It's time for Monday's #BenInNature update!

It's time for Monday's #BenInNature update!

It's time for Monday's #BenInNature update! This is the narrow-winged tree cricket (Oecanthus niveus), and whenever I see a tree cricket, I think of the late great VMNH Curator of Entomology Dr. Richard Hoffman. If you'll indulge me in a long-winded story, I'll explain why.

The summer of my fifth grade year, I volunteered in Dr. Hoffman's lab at the museum's former site on Douglas Avenue. I've always been fascinated by insects, so this was a dream come true for nerdy young Ben (as opposed to nerdy older Ben). My job was simple: Dr. Hoffman would routinely set out pitfall traps for insects, and it was my mission to sort through the bucket of bugs preserved in isopropyl and separate them into piles for him: one pile for ants, one pile for spiders, one pile for beetles and so on. I had an absolute blast.

The best part of the job was that Dr. Hoffman was very generous with his time and would answer any questions I had (and I was 10 years old, so I had a lot of questions). One day I asked him about the rarest insects in the VMNH collections. He ushered me over to one of the collection cabinets and pulled out a drawer full of tree crickets, then removed a little box with a single tree cricket in it.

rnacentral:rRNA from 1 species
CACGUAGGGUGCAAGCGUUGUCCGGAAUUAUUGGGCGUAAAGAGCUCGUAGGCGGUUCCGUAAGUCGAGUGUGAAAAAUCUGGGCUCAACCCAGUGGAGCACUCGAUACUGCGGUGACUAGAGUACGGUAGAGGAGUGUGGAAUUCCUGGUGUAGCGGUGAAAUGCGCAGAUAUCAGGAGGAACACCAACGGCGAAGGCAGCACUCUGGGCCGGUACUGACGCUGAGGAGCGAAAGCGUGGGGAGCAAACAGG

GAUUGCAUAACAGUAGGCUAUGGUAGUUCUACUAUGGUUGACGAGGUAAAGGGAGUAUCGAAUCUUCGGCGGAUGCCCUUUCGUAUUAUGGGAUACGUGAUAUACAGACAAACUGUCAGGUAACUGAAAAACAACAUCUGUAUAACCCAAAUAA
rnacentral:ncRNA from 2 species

That tree cricket, he explained, was one he had collected in Virginia in the late '60s, and it was the only example of its species ever found.

I vividly remember looking at this little tree cricket mounted on its pin. It absolutely blew my mind that I was looking at the only such tree cricket ever collected, an example of a species that may not have even existed anymore by that point. It was a moment that really cemented my fascination with the natural world and probably helped lead to my current career at VMNH, where now I get to routinely pester Dr. Kal Ivanov about insects all the time. And of course, in the years following my summer volunteer gig, I continued to bring Dr. Hoffman any unusual insects I found. Each time I was convinced that I had found something entirely new to science, and each time he would identify it before the jar was halfway out of my pocket, but he would always take the time to tell me all about whatever critter I'd discovered.

And that is why, all these years later, I always think of Dr. Hoffman when I see a tree cricket ... just like this one, the narrow-winged tree cricket (Oecanthus niveus)! This particular species in common in the eastern U.S., and tree crickets can be found on every continent except Antarctica. Tree crickets are nocturnal and can be found in trees (of course), shrubs, and tall weeds. You generally won't find them on plants that are close to the ground, however.

Tree crickets sing at night and will continue to sing even if you shine a light on them! They're also drawn to porch lights. I took this photo more than a month ago, but tree crickets should still be active in Virginia well into November, so keep an eye peeled!

ABOUT #BenInNature
Social distancing can be difficult, but it presents a great opportunity to become reacquainted with nature. In this series of posts, Administrator of Science Ben Williams ventures outdoors to record a snapshot of the unique sights that can be found in the natural world. New updates are posted Monday - Friday, with previous posts highlighted on the weekends.

If you discover something in nature that you would like help identifying, be sure to message us right here on Facebook with a picture (please include location and date of picture) and we'll have our experts help you identify it!

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